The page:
As I said earlier, these plants can take a lot of neglect. Within a month or so, it was looking much better. But when late October rolled around, there wasn’t a single bud on it. There were no flowers that Thanksgiving.

All that autumn, I was under the mistaken impression that my future wasband would settle by Christmas and I’d have to leave the house, which he wanted to keep. (What an idiot; he could have saved at least $120K and kept the house if he had.) So not only did I spend much of my time at home packing up my belongings, but I also started giving away my things, including my plants.

For months, every time someone invited me to their house for dinner, I’d come with a potted plant. It became a bit of a joke.

A few weeks before Christmas, I decided to spend the holidays with my family in Florida. Although I wasn’t in any hurry to leave — I had nowhere else to go — I still clung to the hope that my future wasband would see the light and settle. That could mean I’d be out of the house soon, possibly by New Years Day. I might even spend the whole winter in Florida.

Budding Cactus
The first of many photos Rose Marie has sent me since I dropped my Christmas cactus off at her home.

At that point, the only plant left was my Christmas cactus. It had fully recovered and was just starting to show a few tiny buds. There was a good chance it would bloom, possibly soon. So I loaded it up into my car and took it to the home of two of my friends, Stan and Rose Marie. I was sort of sad to leave it there — it had become such a fixture in my everyday life.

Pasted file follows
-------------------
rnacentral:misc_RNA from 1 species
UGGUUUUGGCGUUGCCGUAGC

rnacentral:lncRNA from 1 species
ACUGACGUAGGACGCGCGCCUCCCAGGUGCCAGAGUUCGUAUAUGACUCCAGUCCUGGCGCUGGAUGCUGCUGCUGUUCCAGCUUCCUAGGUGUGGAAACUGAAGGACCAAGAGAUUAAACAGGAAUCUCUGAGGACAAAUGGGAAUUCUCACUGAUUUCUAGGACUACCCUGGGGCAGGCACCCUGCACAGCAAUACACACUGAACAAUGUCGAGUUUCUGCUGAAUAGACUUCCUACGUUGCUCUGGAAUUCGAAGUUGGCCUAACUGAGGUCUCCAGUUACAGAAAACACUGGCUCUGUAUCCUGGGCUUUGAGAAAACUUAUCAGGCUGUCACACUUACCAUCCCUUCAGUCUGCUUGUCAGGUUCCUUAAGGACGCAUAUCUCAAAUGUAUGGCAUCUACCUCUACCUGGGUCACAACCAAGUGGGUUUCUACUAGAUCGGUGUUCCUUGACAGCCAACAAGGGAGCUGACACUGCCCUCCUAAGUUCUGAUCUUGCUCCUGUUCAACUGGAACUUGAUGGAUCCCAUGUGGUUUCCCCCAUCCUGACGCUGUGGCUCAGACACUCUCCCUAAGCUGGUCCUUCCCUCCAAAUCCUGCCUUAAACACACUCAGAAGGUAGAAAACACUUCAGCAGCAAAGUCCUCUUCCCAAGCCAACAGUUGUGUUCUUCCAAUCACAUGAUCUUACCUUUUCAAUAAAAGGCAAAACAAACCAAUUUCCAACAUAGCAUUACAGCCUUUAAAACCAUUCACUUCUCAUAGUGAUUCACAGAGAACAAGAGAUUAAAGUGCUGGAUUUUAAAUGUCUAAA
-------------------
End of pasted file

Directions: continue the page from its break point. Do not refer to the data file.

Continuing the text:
I went to Florida and spent some quality time with my family. On December 17, Rose Marie sent me a text with a picture of the plant: “Starting to bud.”

A few weeks later, she sent another photo.

Christmas Cactus in Bloom
Fully recovered, my Christmas cactus bloomed right around Christmas time in its new home.

Since then, Rose Marie has sent me annual photos of the plant in bloom. It seems to bloom around Christmas time each year in her home. I’m not sure why it blooms a whole month later for her — it might have something to do with the amount of light it gets. But she seems to prefer it blooming around Christmas, so it’s all good.

Early this year I was back in Arizona for a few weeks and had dinner at Stan and Rose Marie’s house. It was February and the plant had finished blooming for the year. I got a sort of crazy idea: maybe I could take a few cuttings from it and try to root them at home? When I left that evening, I had three cuttings from various parts of the plant wrapped up in a piece of wet paper towel.